How to correctly perform chain flyes:

1. Attach a single handle attachment with a carabineer to a chain.

2. Perform the movement the same way as dumbbell flyes are done.

Important note: “I feel this in every muscle fiber in my chest!” screamed Johnnie Jackson after a difficult set of chain flyes. At the bottom of the movement, the chain unloads on the floor, so it is not nearly as much weight in the more vulnerable position, but you still get a stretch. As you squeeze the weight up, link by link, the chain comes off the floor. As such, where the movement would be easiest, intensity increases.


Smith Machine negative overloads provide another way to eccentrically overload your pecs. This movement is performed with a Smith Machine and will require two partners.

How to correctly perform a Smith Machine negative overload bench press:

1. Lie flat on a bench placed under a Smith Machine. (The bar should be directly above your chest.)

2. Load the bar with 10%–25% extra weight on the outside of the bar sleeves.

3. Lower the weight to your chest.

4. At chest level, have a partner on each side pull the extra weight off the bar.

5. Forcefully press the weight back to starting position.

6. Then have the partners add the weight back to the bar.

7. Repeat for necessary reps.

Important note: This exercise works best drawing out eccentrics, so take five to six seconds to lower the bar and then forcefully press it back up. A good routine is to do that tempo for as many reps as possible. Once you can no longer complete a rep, pull the additional weight off, and do as many reps as possible at normal speed.

This is a highly advanced technique and should be used only with caution. As with other intense eccentric and accommodated resistance techniques, avoid them during deload weeks or recovery cycles.


“You will not believe the ache in the sternum that this movement will produce! It literally forces your chest apart and forces it into new growth,” said Arnold Schwarzenegger in regard to the dumbbell pullover.

The dumbbell pullover was a favorite of some of the greatest chests of all time such as Arnold Schwarzenegger, Reg Park, and virtually any old-timer. This exercise works not only the chest but also the lats and the intercostal serratus anterior (the muscles of the ribcage).

Maximally developed intercostal muscles will give the illusion of a bigger rib cage when you are taking a deep breath and holding a pose because the ribs are pulled up by the intercostal muscles. I believe one of the reasons chest development hasn’t caught up with other body part development is because of the elimination of any pullover variations.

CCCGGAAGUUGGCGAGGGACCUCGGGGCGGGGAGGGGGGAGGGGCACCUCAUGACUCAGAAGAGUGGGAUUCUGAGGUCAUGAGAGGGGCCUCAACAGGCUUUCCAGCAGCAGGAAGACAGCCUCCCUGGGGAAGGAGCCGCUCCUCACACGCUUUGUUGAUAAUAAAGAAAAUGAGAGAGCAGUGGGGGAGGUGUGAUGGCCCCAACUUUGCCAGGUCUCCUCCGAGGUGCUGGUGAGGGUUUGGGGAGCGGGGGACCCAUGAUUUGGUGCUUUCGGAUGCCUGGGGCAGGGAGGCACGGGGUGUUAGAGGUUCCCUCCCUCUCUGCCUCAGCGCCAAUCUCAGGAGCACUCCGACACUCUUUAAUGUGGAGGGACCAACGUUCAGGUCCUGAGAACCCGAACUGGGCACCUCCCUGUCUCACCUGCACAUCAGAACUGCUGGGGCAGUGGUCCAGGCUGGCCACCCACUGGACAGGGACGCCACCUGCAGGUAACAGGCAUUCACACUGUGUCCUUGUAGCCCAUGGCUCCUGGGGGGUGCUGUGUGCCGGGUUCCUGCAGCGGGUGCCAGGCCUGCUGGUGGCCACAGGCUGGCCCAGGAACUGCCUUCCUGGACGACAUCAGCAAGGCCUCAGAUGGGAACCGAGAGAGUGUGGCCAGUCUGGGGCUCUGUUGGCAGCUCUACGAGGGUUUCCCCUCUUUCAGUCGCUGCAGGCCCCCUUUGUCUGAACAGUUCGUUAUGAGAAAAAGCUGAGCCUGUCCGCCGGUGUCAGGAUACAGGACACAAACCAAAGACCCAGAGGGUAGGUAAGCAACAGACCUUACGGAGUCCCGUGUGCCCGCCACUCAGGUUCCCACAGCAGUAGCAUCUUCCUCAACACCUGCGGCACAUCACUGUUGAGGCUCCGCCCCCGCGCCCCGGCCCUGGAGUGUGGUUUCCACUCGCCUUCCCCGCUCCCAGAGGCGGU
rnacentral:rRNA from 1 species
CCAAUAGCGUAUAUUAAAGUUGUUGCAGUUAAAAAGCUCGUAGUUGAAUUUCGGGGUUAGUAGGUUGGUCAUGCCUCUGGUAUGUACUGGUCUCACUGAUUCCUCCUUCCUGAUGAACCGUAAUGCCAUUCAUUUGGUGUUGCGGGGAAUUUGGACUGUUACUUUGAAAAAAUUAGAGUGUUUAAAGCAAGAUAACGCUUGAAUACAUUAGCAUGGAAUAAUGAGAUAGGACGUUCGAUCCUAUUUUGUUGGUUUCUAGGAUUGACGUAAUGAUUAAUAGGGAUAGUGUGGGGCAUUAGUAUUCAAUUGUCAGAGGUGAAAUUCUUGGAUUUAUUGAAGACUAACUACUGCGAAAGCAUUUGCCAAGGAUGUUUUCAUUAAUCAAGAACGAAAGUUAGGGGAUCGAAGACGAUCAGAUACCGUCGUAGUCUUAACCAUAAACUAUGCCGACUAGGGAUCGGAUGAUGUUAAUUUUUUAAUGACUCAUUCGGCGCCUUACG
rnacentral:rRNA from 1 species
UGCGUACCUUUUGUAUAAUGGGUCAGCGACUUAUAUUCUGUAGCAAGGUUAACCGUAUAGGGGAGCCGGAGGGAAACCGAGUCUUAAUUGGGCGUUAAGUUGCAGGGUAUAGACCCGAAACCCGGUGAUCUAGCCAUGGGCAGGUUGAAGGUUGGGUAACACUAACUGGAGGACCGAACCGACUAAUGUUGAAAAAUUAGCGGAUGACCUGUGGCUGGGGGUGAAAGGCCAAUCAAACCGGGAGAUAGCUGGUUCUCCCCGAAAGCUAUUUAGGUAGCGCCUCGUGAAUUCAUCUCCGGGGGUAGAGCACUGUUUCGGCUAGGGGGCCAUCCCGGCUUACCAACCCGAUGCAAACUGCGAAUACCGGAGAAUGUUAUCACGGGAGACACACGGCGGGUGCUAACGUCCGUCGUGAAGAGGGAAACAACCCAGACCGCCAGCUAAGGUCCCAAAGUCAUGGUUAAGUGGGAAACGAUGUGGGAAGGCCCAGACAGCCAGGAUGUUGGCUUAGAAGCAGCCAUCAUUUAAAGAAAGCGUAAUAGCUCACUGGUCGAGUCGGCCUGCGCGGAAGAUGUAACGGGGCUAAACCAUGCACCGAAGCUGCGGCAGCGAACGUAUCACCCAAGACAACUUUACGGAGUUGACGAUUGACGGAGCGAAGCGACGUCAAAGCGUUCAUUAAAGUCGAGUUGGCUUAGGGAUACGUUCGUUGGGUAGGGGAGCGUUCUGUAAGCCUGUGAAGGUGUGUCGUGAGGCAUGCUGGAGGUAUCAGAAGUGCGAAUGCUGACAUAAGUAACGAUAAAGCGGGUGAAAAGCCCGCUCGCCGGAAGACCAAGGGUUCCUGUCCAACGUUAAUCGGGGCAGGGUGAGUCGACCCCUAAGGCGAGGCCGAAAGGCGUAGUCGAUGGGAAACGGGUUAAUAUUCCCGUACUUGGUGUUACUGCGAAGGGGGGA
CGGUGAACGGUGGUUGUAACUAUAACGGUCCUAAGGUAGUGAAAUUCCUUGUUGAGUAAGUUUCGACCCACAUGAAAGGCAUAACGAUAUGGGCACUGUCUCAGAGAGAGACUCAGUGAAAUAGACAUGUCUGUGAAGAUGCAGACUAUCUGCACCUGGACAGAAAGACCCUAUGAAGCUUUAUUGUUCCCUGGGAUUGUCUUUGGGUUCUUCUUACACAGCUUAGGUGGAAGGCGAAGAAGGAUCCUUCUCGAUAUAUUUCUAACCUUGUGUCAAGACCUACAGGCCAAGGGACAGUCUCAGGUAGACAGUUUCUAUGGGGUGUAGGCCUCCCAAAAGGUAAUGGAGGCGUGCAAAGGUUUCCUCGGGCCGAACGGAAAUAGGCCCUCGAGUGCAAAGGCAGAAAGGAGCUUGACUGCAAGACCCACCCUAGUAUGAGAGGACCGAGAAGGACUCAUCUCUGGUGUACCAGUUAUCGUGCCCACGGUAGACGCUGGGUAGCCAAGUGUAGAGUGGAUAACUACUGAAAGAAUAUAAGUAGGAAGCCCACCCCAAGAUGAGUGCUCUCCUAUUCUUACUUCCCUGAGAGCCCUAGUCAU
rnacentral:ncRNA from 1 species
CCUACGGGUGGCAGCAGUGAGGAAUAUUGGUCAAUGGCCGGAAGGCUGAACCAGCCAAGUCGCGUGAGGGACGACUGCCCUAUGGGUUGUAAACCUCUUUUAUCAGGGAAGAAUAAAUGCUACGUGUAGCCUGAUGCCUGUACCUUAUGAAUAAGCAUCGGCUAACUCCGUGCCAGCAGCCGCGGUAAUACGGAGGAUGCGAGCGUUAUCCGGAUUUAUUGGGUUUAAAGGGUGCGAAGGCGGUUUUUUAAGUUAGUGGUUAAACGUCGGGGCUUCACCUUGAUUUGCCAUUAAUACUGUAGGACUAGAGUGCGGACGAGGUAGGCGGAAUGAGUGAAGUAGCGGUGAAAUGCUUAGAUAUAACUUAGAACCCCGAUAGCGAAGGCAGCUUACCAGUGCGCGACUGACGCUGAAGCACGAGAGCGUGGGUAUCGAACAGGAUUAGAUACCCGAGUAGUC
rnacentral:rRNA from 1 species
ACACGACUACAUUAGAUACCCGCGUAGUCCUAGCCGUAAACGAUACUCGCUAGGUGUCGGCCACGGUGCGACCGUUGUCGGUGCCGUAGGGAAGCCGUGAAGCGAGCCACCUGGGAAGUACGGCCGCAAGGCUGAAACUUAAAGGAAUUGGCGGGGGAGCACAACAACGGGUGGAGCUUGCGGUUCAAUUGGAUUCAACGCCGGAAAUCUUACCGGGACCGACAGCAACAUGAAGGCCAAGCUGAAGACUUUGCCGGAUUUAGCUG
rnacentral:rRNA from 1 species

How to correctly perform a dumbbell pullover:

1. Lie perpendicular to the bench press, with only your shoulders supported.

2. Your feet should be flat on the floor, shoulder width apart.

3. Your head and neck should hang over the bench.

4. Your hips should ideally be at a slightly lower angle than your shoulders.

5. Place the dumbbell between your hands, which should be in a diamond shape, using your thumbs and pointer fingers. (Palms should be facing the ceiling.

6. The movement starts with the dumbbell over your chest, elbows bent 10–15 degrees. (Maintain this angle throughout the entire movement.)

7. Slowly lower the weight backward over your head until the upper arms are in line with the torso.

8. The weight travels in an arc-like motion toward the floor.

9. Pull the dumbbell back over your chest, purposely squeezing the chest.

10. Hold for a second, and then repeat the exercise.

Important note: Those with a history of shoulder problems may need to avoid introducing this exercise.



My name is Steven Goldstein

With over 10 years of experience in the fitness industry, I have worked with clients of all ages and fitness levels. From professional athletes to individuals aiming to lose weight, I have helped countless people achieve their goals and improve their overall health through customized training and nutrition plans.

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Hundreds of clients of all ages, backgrounds, and abilities have put their health in our hands over the years and achieved truly remarkable results.